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Minimum wage increase in Québec: some employers are flexing their muscles

On May 1, 2017, the minimum wage in Québec was raised from $10.75/hr to $11.25/hr. Although not as substantial as the increases that have recently been implemented in other North American jurisdictions, this raise is still significant when compared with the average annual increase implemented in the province for the past 10 years. Some employers … Continue reading

Butt out! (ergonomically speaking): British Columbia Court of Appeal outlines management and union rights in employee accommodations

On February 28, 2017 the British Columbia Court of Appeal issued a decision that should be welcomed by unionized employers dealing with accommodating employees.  In Telus Communications Inc. v. Telecommunications Workers’ Union, 2017 BCCA 100 the issue was whether the employer was able to deal directly with its unionized employees when attempting to accommodate those … Continue reading

The Supreme Court of Canada will hear a pay equity case

In October 2016, we informed our readers and clients that the Québec Court of Appeal had unanimously upheld a Superior Court decision finding certain sections of the Pay Equity Act (Act) unconstitutional. The sections of the Act in question are those relating to retroactivity, employee participation in audits and posting of audit results. As was expected, … Continue reading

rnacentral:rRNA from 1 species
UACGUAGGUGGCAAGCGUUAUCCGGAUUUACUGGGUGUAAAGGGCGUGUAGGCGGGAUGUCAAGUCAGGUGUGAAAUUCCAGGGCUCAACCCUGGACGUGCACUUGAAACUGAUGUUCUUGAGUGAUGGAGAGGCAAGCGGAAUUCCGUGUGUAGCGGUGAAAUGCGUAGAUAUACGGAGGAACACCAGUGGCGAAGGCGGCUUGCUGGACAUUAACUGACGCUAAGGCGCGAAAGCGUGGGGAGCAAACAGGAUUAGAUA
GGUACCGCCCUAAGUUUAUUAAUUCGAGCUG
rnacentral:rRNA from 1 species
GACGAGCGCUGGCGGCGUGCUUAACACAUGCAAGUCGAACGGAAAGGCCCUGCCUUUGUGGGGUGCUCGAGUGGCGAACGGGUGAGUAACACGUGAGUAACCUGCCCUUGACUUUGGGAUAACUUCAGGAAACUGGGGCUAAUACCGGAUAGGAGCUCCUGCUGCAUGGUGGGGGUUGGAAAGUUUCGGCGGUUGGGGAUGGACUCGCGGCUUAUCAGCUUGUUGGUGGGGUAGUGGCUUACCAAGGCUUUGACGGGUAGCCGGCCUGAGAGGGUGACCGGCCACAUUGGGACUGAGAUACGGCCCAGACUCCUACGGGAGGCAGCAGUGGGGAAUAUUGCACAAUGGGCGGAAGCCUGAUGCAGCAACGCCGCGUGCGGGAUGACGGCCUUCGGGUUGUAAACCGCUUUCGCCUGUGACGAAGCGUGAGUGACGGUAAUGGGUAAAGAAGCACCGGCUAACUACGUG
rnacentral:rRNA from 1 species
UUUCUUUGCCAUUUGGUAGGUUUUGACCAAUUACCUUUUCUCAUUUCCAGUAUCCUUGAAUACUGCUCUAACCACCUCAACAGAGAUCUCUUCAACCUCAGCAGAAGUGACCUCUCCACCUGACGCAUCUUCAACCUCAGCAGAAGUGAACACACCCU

One step closer to legalization

On April 13th, the federal Liberal government tabled the much anticipated Cannabis Act. While many recreational marijuana users now have reason to rejoice, employers across the country are left with unanswered questions as to how the upcoming legalization will affect the workplace. It’s important to note that although recreational use of cannabis is expected to … Continue reading

Not on the Menu: Ontario Human Rights Commission releases findings from restaurant dress code inquiry in new report

The Ontario Human Rights Commission (the “Commission”) recently released the findings from its inquiry on sexualized and gender-specific dress codes in a report entitled, Not on the Menu: Inquiry report on sexualized and gender-based dress codes in Ontario’s restaurants. A series of complaints from restaurant workers prompted the Commission to release a policy position in … Continue reading

Federal Government’s 2017 Budget Proposes Changes to Maternity and Parental Leave

The Liberal Government’s 2017 federal budget (“Budget 2017”) proposes changes that affect maternity and parental leaves and associated Employment Insurance (“EI”) benefits. Currently, EI combined parental and maternity benefits are available at the benefit rate of 55 per cent over a period of up to 12 months. Budget 2017 proposes that this option continue to … Continue reading

Signed on the Dotted Line in Time? The Court of Appeal addresses the timing of an employee’s execution of her employment contract.

Employers have long been advised to ensure that a new employee agrees to and executes his or her written employment contract before starting work. Otherwise, there is a risk that the employment contract will be held to be unenforceable on the basis that there was no “consideration” provided to the employee in exchange for entering … Continue reading

Probation pitfalls and the Employment Standards Act (British Columbia)